Paris in Portland

Peninsula Park, on a cloudy spring day, reminds me of much older places… Paris comes to mind as you take in the stone and brickwork that frames our oldest public rose garden. If you can blur your brain just enough, you can almost see the couples strolling in the early 1900’s.

According to the Portland Parks and Recreation website, “The park was purchased by the city in 1909 for $60,000 with funds raised in a 1908 bond measure. Originally owned by local businesswoman Liverpool Liz, it had been the site for a roadhouse and racetrack for quarter-mile horse racing. An autopark and campground were also included in the original parcel. Planned by renowned Oregon architects Ellis Lawrence and Ormond R. Bean, the park was a result of Portland’s 1912 ‘City Beautiful’ movement. Completed in 1913, much remains of the original features, including the lantern-style streetlights, the stone pillars, vast brickwork, and the nearly 100-year-old fountain in the center of the rose garden. The octagonal bandstand overlooking the rose garden was constructed in 1913. It was used for World War I patriotic demonstrations and is now the site for many summer weddings and concerts. This wonderful gazebo-like structure is a National Heritage historical structure and was designated a Portland Historic Landmark in 1973. It is the last of its kind in Portland.”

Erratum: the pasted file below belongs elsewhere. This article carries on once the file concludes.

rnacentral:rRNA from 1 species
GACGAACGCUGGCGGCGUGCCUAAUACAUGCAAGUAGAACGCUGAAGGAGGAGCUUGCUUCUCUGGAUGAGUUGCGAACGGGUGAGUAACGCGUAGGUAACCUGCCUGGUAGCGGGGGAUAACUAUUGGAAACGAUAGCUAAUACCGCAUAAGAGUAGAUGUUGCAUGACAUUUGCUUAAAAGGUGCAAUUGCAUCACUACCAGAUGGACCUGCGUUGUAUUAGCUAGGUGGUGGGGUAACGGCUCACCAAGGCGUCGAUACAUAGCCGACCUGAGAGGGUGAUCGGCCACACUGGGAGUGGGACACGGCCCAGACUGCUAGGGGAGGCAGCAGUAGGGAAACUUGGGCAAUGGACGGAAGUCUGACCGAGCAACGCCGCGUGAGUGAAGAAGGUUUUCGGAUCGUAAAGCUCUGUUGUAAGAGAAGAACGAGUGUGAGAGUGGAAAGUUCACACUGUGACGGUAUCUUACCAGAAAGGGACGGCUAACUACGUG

Michelle and Jason braved the chill a couple of weeks ago and made this their romantic stop between the church and the reception… it was very sweet to see them relax into themselves.

2 thoughts on “Paris in Portland

  1. Patrick

    Are you using a filter here? I’m just looking at the contrast on the concrete, and it gives really amazing depth. Nice shot!

  2. admin Post author

    No, Patrick… it’s Nik Silver FX Pro… it has a global control of so many different dynamics! It has become my go-to for any serious B&W images. This one involves contrast and structure.
    Glad you like it! ;0)

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